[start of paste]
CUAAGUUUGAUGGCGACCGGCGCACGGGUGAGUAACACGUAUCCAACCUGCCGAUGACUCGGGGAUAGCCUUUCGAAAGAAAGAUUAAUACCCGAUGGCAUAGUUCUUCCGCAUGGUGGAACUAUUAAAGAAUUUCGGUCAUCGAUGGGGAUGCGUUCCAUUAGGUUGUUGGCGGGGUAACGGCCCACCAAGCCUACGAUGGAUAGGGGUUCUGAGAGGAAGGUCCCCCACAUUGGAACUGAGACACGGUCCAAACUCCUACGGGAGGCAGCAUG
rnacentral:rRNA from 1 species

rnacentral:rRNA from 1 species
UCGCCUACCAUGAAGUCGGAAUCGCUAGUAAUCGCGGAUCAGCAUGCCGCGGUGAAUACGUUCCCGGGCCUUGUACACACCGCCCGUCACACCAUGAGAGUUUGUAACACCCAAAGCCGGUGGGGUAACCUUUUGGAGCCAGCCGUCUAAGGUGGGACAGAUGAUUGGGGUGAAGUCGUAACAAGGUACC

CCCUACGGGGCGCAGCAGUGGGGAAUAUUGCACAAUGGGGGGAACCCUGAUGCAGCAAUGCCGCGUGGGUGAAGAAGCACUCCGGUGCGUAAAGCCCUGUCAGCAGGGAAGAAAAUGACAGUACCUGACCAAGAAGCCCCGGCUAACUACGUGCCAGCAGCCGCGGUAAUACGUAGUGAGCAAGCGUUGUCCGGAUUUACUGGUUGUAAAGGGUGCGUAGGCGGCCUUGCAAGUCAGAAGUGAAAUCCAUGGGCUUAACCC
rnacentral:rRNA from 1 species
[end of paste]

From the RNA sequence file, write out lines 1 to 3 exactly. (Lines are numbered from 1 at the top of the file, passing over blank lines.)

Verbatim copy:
CUAAGUUUGAUGGCGACCGGCGCACGGGUGAGUAACACGUAUCCAACCUGCCGAUGACUCGGGGAUAGCCUUUCGAAAGAAAGAUUAAUACCCGAUGGCAUAGUUCUUCCGCAUGGUGGAACUAUUAAAGAAUUUCGGUCAUCGAUGGGGAUGCGUUCCAUUAGGUUGUUGGCGGGGUAACGGCCCACCAAGCCUACGAUGGAUAGGGGUUCUGAGAGGAAGGUCCCCCACAUUGGAACUGAGACACGGUCCAAACUCCUACGGGAGGCAGCAUG
rnacentral:rRNA from 1 species

rnacentral:rRNA from 1 species